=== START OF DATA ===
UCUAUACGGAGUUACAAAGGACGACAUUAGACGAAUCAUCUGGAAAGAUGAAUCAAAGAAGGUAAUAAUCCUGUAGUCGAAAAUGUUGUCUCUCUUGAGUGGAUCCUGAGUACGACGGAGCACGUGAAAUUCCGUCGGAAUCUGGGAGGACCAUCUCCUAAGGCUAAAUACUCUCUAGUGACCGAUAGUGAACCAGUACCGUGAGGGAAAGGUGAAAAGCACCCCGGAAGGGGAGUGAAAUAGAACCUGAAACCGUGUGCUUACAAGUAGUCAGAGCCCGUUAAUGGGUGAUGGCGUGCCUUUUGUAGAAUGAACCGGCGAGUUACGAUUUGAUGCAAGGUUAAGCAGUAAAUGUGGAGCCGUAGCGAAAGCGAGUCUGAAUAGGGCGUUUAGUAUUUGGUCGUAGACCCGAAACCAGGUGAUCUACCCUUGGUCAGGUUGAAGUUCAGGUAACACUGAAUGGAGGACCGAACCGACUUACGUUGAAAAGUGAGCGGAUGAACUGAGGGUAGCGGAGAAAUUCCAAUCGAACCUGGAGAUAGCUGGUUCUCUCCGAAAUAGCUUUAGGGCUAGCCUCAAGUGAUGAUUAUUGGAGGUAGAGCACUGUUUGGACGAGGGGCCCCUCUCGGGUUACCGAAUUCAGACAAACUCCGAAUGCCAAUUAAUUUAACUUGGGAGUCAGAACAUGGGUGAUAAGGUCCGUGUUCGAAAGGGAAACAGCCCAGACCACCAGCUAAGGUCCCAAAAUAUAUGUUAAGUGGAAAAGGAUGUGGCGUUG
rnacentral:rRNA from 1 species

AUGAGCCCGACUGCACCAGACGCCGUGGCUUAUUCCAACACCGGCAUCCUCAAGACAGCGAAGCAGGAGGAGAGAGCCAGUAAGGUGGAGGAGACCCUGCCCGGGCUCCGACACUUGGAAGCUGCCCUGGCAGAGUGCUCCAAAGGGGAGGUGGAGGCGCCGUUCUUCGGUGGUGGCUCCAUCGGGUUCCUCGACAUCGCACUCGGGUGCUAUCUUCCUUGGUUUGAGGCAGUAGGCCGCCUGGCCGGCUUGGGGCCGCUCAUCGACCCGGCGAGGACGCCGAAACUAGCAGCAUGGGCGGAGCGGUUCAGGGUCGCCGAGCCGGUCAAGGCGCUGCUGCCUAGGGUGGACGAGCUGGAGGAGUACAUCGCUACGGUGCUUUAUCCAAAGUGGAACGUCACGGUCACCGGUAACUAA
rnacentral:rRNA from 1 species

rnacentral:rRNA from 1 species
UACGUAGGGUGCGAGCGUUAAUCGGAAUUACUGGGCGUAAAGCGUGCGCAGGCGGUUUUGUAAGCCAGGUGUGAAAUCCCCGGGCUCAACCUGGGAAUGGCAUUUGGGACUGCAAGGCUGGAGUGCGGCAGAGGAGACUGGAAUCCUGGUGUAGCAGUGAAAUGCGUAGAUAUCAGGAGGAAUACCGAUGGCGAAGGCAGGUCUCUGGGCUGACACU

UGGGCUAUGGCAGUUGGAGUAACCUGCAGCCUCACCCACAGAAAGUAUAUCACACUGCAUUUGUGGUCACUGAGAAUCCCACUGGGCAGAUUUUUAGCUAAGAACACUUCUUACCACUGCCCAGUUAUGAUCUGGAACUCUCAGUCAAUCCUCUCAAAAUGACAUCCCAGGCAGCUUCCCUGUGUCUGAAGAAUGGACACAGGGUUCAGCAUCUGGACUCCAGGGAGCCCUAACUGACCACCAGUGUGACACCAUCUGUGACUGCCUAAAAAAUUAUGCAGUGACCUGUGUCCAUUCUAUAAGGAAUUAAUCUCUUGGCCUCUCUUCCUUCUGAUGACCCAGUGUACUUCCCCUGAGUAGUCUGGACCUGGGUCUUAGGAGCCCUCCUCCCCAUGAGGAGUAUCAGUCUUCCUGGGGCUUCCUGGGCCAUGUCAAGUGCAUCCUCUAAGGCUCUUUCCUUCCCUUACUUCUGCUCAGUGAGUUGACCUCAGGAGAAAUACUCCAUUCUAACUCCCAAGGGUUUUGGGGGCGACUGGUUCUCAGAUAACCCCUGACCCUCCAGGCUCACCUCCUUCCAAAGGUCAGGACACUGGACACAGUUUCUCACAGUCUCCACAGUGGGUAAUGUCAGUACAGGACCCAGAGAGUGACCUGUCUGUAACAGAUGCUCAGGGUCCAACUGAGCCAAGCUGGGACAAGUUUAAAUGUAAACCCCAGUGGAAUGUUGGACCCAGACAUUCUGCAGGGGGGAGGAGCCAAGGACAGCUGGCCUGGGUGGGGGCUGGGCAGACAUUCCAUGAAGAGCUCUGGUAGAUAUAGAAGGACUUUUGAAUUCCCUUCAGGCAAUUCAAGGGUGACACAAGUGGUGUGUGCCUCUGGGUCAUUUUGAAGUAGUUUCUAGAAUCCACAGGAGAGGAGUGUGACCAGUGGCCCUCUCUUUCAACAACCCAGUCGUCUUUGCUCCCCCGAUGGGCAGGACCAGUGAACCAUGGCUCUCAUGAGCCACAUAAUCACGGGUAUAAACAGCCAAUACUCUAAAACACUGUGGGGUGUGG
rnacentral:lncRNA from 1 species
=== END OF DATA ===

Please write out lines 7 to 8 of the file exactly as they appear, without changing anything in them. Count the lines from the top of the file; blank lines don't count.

UGGGCUAUGGCAGUUGGAGUAACCUGCAGCCUCACCCACAGAAAGUAUAUCACACUGCAUUUGUGGUCACUGAGAAUCCCACUGGGCAGAUUUUUAGCUAAGAACACUUCUUACCACUGCCCAGUUAUGAUCUGGAACUCUCAGUCAAUCCUCUCAAAAUGACAUCCCAGGCAGCUUCCCUGUGUCUGAAGAAUGGACACAGGGUUCAGCAUCUGGACUCCAGGGAGCCCUAACUGACCACCAGUGUGACACCAUCUGUGACUGCCUAAAAAAUUAUGCAGUGACCUGUGUCCAUUCUAUAAGGAAUUAAUCUCUUGGCCUCUCUUCCUUCUGAUGACCCAGUGUACUUCCCCUGAGUAGUCUGGACCUGGGUCUUAGGAGCCCUCCUCCCCAUGAGGAGUAUCAGUCUUCCUGGGGCUUCCUGGGCCAUGUCAAGUGCAUCCUCUAAGGCUCUUUCCUUCCCUUACUUCUGCUCAGUGAGUUGACCUCAGGAGAAAUACUCCAUUCUAACUCCCAAGGGUUUUGGGGGCGACUGGUUCUCAGAUAACCCCUGACCCUCCAGGCUCACCUCCUUCCAAAGGUCAGGACACUGGACACAGUUUCUCACAGUCUCCACAGUGGGUAAUGUCAGUACAGGACCCAGAGAGUGACCUGUCUGUAACAGAUGCUCAGGGUCCAACUGAGCCAAGCUGGGACAAGUUUAAAUGUAAACCCCAGUGGAAUGUUGGACCCAGACAUUCUGCAGGGGGGAGGAGCCAAGGACAGCUGGCCUGGGUGGGGGCUGGGCAGACAUUCCAUGAAGAGCUCUGGUAGAUAUAGAAGGACUUUUGAAUUCCCUUCAGGCAAUUCAAGGGUGACACAAGUGGUGUGUGCCUCUGGGUCAUUUUGAAGUAGUUUCUAGAAUCCACAGGAGAGGAGUGUGACCAGUGGCCCUCUCUUUCAACAACCCAGUCGUCUUUGCUCCCCCGAUGGGCAGGACCAGUGAACCAUGGCUCUCAUGAGCCACAUAAUCACGGGUAUAAACAGCCAAUACUCUAAAACACUGUGGGGUGUGG
rnacentral:lncRNA from 1 species